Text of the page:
of the best photographic lenses far surpassed the power of film to record their images, but developments in film have overcome much of this difference.

If you have followed along with us this far, you may ask, “What is the practical application of this information? How will it enable me to make better pictux-es?” A good question—with a number of answers, some of which follow:

1. If you are taking a picture of an object in a single plane—say a copy of an oil painting or a big di'awing in which it is desirable to secure all the detail—open your lens to within two stops of its maximum apei'ture. That is, if you have an ƒ 3.5 lens, shoot at ƒ 5.6. Since your subject is all in one plane, you don’t need the depth of field secured by stopping down, and you secure more resolving power by opening the lens. If your lens were perfectly corrected, you could open it entirely; but few lenses are fully cori'ected at their maximum apei'ture.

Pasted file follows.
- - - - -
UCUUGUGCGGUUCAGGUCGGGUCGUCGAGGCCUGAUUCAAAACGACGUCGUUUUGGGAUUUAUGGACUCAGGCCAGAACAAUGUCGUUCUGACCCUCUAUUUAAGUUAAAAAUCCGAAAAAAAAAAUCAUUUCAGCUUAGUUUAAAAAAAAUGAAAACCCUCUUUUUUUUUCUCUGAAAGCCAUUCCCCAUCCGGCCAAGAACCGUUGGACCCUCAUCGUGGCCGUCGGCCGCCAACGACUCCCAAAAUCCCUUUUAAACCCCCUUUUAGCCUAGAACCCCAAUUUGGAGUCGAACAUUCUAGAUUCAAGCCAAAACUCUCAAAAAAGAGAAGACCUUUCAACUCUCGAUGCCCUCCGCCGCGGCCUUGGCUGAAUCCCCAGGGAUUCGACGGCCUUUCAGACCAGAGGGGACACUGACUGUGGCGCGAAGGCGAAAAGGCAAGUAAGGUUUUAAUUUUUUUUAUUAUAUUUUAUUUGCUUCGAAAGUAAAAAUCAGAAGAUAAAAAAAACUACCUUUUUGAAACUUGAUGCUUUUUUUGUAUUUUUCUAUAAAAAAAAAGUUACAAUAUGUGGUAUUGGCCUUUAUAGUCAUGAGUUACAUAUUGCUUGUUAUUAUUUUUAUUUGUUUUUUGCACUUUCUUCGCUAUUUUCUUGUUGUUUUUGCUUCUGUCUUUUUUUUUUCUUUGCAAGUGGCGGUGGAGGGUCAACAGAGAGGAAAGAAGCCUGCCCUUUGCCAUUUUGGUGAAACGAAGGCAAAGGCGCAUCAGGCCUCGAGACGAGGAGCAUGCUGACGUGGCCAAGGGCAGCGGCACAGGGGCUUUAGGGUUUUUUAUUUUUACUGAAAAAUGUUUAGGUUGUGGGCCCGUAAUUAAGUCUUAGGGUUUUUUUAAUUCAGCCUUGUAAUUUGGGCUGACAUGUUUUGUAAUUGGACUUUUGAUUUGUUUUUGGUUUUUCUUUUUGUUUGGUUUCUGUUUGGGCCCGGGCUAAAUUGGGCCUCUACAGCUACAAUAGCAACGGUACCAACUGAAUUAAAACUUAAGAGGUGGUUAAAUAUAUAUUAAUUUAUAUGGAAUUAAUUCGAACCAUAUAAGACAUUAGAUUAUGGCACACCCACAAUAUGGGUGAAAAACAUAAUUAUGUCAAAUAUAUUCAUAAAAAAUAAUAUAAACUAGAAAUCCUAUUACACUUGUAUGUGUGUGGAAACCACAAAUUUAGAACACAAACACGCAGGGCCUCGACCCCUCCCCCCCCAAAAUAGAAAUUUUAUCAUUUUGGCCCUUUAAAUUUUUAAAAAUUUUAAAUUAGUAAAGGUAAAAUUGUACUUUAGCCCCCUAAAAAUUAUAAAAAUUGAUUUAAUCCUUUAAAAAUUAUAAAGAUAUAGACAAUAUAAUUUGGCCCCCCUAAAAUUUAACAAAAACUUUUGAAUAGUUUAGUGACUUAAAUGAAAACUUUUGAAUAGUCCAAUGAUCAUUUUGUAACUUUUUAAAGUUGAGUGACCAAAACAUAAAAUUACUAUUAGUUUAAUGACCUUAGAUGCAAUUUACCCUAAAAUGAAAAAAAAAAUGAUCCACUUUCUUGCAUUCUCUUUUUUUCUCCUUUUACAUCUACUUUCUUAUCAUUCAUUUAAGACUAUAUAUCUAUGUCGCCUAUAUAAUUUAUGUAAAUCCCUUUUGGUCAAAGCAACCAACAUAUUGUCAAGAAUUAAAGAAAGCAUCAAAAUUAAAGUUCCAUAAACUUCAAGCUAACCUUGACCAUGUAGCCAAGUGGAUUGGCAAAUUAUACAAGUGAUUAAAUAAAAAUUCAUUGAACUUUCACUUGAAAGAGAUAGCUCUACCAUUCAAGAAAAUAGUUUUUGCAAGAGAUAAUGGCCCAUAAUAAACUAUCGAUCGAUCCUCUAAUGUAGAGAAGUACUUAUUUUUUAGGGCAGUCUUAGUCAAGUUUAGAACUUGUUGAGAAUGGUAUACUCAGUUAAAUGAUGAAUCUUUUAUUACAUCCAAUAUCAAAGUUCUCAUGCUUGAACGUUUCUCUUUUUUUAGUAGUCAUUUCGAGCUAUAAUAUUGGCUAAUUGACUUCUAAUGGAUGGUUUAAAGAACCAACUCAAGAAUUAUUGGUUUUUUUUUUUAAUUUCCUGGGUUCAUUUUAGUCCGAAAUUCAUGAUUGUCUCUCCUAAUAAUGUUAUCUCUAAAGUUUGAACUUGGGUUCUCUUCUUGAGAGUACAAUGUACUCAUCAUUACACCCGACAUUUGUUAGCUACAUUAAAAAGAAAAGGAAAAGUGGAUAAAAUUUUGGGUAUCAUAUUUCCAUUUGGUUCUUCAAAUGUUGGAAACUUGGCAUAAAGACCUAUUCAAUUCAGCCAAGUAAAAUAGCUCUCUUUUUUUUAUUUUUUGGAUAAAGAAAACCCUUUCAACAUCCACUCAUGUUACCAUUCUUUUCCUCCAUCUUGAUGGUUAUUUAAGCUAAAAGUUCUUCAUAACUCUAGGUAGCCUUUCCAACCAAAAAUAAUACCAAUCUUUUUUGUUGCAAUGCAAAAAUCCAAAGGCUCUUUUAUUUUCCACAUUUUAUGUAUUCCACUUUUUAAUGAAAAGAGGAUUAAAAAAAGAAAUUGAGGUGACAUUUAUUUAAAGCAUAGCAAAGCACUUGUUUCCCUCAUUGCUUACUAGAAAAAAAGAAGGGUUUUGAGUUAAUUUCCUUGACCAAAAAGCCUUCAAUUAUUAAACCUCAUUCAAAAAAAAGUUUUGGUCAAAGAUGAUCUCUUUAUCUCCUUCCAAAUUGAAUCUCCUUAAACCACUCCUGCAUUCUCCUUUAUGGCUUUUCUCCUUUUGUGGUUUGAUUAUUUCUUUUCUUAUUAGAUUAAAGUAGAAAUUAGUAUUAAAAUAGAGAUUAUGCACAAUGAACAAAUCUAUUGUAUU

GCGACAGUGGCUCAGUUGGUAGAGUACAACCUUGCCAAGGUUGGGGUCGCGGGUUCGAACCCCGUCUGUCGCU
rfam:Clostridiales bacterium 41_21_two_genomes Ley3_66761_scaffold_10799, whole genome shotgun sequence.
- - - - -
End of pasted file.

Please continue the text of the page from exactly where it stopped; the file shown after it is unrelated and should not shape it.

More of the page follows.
2. When taking a picture of a subject with considerable depth—say a group of people—focus on one of the group about Mi of the distance from the nearest person to the farthest. Then stop the lens down as far as possible without lengthening the exposure too much, and you will secure the maximum depth of field under the circumstances.

3. If you are using a view camera and are trying to focus on the grolmdglass in a very dim light, your knowledge of depth of field and depth of focus will help you in two ways. If you can get someone to hold a lighted match for you about a third of the way back from the nearest object which must be in focus, you can focus it, stop down, and get a good picture. If you have no assistant handy, focus the best you can and set the lens at the smallest stop. The depth of field will usually take care of you.